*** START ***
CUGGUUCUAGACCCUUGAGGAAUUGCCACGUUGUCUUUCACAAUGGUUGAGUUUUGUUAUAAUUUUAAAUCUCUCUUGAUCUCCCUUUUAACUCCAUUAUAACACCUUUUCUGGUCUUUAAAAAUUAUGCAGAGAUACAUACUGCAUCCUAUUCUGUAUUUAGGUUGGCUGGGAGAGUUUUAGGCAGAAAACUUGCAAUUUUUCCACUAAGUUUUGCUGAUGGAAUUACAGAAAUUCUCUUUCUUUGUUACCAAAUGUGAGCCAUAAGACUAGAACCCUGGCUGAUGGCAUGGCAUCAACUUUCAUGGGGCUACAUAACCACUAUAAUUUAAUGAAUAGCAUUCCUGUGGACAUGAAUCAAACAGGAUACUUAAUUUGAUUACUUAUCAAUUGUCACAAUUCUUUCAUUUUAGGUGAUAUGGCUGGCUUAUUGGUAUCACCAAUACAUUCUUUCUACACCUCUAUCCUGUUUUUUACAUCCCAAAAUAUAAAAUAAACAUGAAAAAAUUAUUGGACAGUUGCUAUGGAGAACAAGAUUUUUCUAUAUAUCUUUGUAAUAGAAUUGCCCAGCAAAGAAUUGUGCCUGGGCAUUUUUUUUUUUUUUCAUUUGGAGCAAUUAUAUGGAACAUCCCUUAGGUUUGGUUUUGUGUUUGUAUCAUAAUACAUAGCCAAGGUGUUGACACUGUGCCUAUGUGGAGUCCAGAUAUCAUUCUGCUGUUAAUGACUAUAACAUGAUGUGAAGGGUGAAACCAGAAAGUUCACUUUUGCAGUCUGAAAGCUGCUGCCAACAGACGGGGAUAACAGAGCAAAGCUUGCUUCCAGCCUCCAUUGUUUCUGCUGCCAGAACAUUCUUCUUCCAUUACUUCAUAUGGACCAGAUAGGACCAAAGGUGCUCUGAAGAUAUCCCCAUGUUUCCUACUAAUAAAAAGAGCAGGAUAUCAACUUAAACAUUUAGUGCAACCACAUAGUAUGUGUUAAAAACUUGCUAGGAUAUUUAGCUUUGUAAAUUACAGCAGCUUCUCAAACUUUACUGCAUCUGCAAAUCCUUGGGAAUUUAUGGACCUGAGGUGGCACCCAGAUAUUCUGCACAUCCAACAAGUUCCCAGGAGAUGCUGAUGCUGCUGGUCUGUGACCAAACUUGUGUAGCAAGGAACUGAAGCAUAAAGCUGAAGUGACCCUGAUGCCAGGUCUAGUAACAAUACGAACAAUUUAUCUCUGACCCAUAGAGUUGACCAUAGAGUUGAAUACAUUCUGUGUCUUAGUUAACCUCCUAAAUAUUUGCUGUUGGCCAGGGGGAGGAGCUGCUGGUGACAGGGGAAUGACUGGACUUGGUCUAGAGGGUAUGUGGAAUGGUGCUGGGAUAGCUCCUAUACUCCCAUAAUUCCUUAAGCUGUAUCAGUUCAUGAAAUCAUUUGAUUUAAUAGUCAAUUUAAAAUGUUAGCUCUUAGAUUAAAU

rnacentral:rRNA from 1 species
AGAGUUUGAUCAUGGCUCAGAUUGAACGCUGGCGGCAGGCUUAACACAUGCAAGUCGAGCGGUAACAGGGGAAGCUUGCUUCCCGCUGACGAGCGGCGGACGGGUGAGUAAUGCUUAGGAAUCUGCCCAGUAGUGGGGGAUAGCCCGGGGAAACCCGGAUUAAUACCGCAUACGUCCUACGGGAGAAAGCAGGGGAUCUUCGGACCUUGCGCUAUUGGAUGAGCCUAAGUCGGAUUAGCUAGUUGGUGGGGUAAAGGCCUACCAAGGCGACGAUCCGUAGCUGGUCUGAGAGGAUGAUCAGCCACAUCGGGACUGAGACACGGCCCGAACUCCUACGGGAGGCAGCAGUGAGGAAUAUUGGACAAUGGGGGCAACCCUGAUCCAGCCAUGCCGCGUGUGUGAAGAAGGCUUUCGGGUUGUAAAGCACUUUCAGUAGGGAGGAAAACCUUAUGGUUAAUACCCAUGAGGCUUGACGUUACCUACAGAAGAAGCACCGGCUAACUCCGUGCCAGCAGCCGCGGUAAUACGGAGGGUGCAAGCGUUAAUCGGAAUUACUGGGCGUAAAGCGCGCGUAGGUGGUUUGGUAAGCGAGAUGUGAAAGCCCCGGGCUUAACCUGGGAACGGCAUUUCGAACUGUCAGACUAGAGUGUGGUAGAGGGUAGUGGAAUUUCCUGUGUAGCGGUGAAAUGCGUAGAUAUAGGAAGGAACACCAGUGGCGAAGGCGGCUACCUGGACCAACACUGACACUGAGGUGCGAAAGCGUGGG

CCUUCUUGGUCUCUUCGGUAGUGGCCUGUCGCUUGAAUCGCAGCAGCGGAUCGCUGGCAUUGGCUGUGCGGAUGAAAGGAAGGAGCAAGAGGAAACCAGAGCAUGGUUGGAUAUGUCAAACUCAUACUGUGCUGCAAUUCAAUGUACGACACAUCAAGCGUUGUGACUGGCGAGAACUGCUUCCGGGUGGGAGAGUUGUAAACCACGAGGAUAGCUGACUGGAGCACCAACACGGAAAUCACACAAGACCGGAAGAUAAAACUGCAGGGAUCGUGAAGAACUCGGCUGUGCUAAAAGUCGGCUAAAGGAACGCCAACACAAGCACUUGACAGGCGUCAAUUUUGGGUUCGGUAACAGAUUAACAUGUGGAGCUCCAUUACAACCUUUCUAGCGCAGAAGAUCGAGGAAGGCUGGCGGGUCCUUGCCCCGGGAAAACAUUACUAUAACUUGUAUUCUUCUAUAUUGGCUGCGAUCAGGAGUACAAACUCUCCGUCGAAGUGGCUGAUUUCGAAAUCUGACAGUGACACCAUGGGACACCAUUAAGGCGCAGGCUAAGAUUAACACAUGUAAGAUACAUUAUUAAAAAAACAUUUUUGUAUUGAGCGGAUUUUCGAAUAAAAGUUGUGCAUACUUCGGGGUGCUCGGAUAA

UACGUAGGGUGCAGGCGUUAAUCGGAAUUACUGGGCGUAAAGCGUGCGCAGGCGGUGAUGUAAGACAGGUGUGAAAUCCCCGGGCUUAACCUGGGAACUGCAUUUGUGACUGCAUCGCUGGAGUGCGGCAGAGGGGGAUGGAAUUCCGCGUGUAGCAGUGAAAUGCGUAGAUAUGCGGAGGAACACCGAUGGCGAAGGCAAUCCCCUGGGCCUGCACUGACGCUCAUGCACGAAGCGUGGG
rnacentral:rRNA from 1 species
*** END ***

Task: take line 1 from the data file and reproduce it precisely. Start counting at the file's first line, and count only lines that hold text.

CUGGUUCUAGACCCUUGAGGAAUUGCCACGUUGUCUUUCACAAUGGUUGAGUUUUGUUAUAAUUUUAAAUCUCUCUUGAUCUCCCUUUUAACUCCAUUAUAACACCUUUUCUGGUCUUUAAAAAUUAUGCAGAGAUACAUACUGCAUCCUAUUCUGUAUUUAGGUUGGCUGGGAGAGUUUUAGGCAGAAAACUUGCAAUUUUUCCACUAAGUUUUGCUGAUGGAAUUACAGAAAUUCUCUUUCUUUGUUACCAAAUGUGAGCCAUAAGACUAGAACCCUGGCUGAUGGCAUGGCAUCAACUUUCAUGGGGCUACAUAACCACUAUAAUUUAAUGAAUAGCAUUCCUGUGGACAUGAAUCAAACAGGAUACUUAAUUUGAUUACUUAUCAAUUGUCACAAUUCUUUCAUUUUAGGUGAUAUGGCUGGCUUAUUGGUAUCACCAAUACAUUCUUUCUACACCUCUAUCCUGUUUUUUACAUCCCAAAAUAUAAAAUAAACAUGAAAAAAUUAUUGGACAGUUGCUAUGGAGAACAAGAUUUUUCUAUAUAUCUUUGUAAUAGAAUUGCCCAGCAAAGAAUUGUGCCUGGGCAUUUUUUUUUUUUUUCAUUUGGAGCAAUUAUAUGGAACAUCCCUUAGGUUUGGUUUUGUGUUUGUAUCAUAAUACAUAGCCAAGGUGUUGACACUGUGCCUAUGUGGAGUCCAGAUAUCAUUCUGCUGUUAAUGACUAUAACAUGAUGUGAAGGGUGAAACCAGAAAGUUCACUUUUGCAGUCUGAAAGCUGCUGCCAACAGACGGGGAUAACAGAGCAAAGCUUGCUUCCAGCCUCCAUUGUUUCUGCUGCCAGAACAUUCUUCUUCCAUUACUUCAUAUGGACCAGAUAGGACCAAAGGUGCUCUGAAGAUAUCCCCAUGUUUCCUACUAAUAAAAAGAGCAGGAUAUCAACUUAAACAUUUAGUGCAACCACAUAGUAUGUGUUAAAAACUUGCUAGGAUAUUUAGCUUUGUAAAUUACAGCAGCUUCUCAAACUUUACUGCAUCUGCAAAUCCUUGGGAAUUUAUGGACCUGAGGUGGCACCCAGAUAUUCUGCACAUCCAACAAGUUCCCAGGAGAUGCUGAUGCUGCUGGUCUGUGACCAAACUUGUGUAGCAAGGAACUGAAGCAUAAAGCUGAAGUGACCCUGAUGCCAGGUCUAGUAACAAUACGAACAAUUUAUCUCUGACCCAUAGAGUUGACCAUAGAGUUGAAUACAUUCUGUGUCUUAGUUAACCUCCUAAAUAUUUGCUGUUGGCCAGGGGGAGGAGCUGCUGGUGACAGGGGAAUGACUGGACUUGGUCUAGAGGGUAUGUGGAAUGGUGCUGGGAUAGCUCCUAUACUCCCAUAAUUCCUUAAGCUGUAUCAGUUCAUGAAAUCAUUUGAUUUAAUAGUCAAUUUAAAAUGUUAGCUCUUAGAUUAAAU